David J. Pengelley
Professor Emeritus
Mathematical Sciences
New Mexico State University
Las Cruces, NM 88003, USA
davidp@nmsu.edu
David Pengelley


Here's my detailed vita, which lists all my publications.

How efficiently can one untangle a double-twist? Waving is believing! (with Dan Ramras), preprint and animations, in The Mathematical Intelligencer in 2017.

I have extensive web material on Teaching with Original Historical Sources in Mathematics, which includes versions of quite a number of my joint publications in this area.

Classroom teaching methods for student active learning via reading in advance, writing, and warmup exercises, as alternatives to lecture:

Beating the lecture-textbook trap with active learning and rewards for all, a condensed piece in the Notices of the American Mathematical Society in 2017.

From lecture to active learning: Rewards for all, and is it really so difficult?, an extended piece, preprint.

Video and slides of my 2017 presentation From lecture to active learning: Rewards for all, and is it really so difficult? in the MIT Electronic Mathematics Education Seminar.

Video of my plenary presentation How to beat the lecture/textbook trap, and then throw them both away! to the 2013 Legacy of R.L. Moore Conference.

And here are some suppporting materials with details:

Translations of primary historical source materials:

Excerpts on the Euler-Maclaurin summation formula, from Institutiones Calculi Differentialis by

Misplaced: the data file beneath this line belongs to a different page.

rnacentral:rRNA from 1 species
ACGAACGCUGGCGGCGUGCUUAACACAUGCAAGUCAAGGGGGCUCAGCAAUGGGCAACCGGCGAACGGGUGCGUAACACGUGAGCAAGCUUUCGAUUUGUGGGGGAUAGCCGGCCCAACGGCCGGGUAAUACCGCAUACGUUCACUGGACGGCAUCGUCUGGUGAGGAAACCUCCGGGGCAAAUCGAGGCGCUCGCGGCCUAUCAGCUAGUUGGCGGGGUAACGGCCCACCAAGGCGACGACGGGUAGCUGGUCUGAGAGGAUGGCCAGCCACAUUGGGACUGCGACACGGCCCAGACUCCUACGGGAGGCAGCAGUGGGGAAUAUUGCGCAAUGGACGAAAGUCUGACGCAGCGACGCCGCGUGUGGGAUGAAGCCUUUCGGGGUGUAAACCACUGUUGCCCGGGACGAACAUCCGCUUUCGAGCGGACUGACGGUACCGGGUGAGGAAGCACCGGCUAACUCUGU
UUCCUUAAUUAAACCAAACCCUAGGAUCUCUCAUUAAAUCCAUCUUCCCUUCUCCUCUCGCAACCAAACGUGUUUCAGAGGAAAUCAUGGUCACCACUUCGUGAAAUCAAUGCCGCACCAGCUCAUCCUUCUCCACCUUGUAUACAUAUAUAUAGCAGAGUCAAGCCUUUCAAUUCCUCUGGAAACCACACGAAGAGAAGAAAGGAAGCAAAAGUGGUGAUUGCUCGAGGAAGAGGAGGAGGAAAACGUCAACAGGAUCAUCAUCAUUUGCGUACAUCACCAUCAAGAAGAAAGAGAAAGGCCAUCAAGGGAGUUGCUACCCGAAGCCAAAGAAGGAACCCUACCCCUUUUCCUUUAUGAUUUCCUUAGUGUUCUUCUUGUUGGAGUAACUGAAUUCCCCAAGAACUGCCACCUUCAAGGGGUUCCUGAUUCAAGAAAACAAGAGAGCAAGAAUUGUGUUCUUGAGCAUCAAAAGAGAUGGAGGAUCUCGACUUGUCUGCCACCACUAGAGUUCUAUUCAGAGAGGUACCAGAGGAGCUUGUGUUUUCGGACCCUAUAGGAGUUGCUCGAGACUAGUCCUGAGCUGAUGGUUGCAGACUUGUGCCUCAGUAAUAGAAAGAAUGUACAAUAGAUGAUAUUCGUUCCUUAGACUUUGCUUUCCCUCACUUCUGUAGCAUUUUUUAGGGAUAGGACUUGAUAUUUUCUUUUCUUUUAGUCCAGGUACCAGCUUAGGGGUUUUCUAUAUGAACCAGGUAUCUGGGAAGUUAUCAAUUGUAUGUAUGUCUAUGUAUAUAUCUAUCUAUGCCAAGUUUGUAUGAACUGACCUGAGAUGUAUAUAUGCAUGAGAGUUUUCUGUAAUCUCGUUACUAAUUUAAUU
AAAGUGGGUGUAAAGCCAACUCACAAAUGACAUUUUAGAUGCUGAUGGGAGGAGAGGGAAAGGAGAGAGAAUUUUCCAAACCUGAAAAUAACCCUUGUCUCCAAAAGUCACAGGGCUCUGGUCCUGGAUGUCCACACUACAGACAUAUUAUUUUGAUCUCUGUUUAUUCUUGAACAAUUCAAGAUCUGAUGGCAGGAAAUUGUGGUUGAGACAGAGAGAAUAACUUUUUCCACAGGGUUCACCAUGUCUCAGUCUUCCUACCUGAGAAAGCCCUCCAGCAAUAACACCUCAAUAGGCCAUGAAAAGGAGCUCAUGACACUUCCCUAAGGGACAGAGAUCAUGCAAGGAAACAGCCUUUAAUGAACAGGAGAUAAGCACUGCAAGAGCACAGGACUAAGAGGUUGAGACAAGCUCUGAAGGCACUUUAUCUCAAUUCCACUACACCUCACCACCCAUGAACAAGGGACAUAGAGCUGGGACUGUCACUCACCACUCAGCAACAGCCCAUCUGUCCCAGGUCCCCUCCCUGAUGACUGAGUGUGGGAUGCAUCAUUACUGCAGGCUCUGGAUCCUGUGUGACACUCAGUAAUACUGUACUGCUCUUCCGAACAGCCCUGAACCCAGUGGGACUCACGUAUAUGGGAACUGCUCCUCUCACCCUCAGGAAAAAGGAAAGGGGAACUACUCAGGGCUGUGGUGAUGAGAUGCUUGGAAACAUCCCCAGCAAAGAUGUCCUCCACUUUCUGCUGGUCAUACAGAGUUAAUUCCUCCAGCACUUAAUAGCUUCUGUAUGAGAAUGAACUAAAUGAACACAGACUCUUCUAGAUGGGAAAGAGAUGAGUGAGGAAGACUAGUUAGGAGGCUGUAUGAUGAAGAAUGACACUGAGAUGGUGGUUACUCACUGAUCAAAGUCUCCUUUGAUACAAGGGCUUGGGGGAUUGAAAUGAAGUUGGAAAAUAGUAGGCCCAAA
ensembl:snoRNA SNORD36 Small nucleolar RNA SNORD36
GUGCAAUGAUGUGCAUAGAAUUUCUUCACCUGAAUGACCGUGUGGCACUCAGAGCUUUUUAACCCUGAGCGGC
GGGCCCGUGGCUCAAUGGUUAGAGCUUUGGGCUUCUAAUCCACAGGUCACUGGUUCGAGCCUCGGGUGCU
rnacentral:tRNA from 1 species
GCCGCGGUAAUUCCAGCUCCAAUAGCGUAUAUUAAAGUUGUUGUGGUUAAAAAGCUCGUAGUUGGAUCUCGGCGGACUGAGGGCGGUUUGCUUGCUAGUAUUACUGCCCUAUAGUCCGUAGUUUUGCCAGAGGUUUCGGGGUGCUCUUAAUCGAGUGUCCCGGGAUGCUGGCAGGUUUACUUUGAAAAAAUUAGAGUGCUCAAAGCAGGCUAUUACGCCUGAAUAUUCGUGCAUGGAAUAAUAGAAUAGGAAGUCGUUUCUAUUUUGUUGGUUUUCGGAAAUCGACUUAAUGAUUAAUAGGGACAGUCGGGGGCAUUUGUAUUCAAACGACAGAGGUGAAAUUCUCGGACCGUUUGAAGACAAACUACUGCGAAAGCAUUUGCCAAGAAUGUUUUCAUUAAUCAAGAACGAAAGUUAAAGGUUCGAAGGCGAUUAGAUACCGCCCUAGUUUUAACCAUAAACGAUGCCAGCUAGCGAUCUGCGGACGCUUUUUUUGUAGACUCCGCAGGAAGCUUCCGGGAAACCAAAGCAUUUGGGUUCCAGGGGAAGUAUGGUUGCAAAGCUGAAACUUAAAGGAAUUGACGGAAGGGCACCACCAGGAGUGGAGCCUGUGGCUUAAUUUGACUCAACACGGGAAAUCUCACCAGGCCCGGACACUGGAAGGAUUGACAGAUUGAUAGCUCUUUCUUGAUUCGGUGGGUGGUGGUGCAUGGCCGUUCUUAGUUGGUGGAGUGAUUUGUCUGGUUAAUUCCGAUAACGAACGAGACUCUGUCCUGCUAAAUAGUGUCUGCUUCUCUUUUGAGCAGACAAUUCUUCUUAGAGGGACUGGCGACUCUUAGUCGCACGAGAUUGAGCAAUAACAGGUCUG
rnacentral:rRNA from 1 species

Leonhard Euler (pdf format), or in (dvi format), also at the Euler Archive.

Excerpt from a letter of Monsieur Lame to Monsieur Liouville on the question: Given a convex polygon, in how many ways can one partition it into triangles by mean of diagonals?: Lame's elegant geometric solution to finding the one step recursion relation solving Euler's decomposition problem, leading to the factorial formula for Catalan numbers.

A few preprints::

  • The bridge between the continuous and the discrete via original sources
  • A graduate course on the role of history in teaching mathematics
  • Dances between continuous and discrete: Euler's summation formula (pdf) or (dvi)
  • Arthur Cayley and the first paper on group theory (appeared in "Using recent history of mathematics in teaching mathematics", ed. Amy Shell et al, MAA Notes Series, Mathematical Association of America)
  • Did Euclid need the Euclidean algorithm to prove unique factorization? (appeared in the American Mathematical Monthly)
  • "Voici ce que j'ai trouv�": Sophie Germain's grand plan to prove Fermat's Last Theorem (January 2010 revision), in Historia Mathematica (2010).
  • Sophie'�s Diary, by Dora Musielak, (book review in the Mathematical Intelligencer, 2010)
  • Teaching With Primary Historical Sources: Should it Go Mainstream? Can it?,  opening keynote address at HPM 2008, the quadrennial international meeting of the International Study Group on Relations Between History and Pedagogy of Mathematics, Mexico City, 2008.

  • OK, here's a photo taken at the 1999 Boulder conference on homotopy theory.  On the left is Italian algebraic topologist Luciano Lomonaco, on the right is me.

    You might find another photo of me playing badminton at NMSU.



    Page maintained by David Pengelley, davidp@nmsu.edu
    Last revised on November 20, 2017.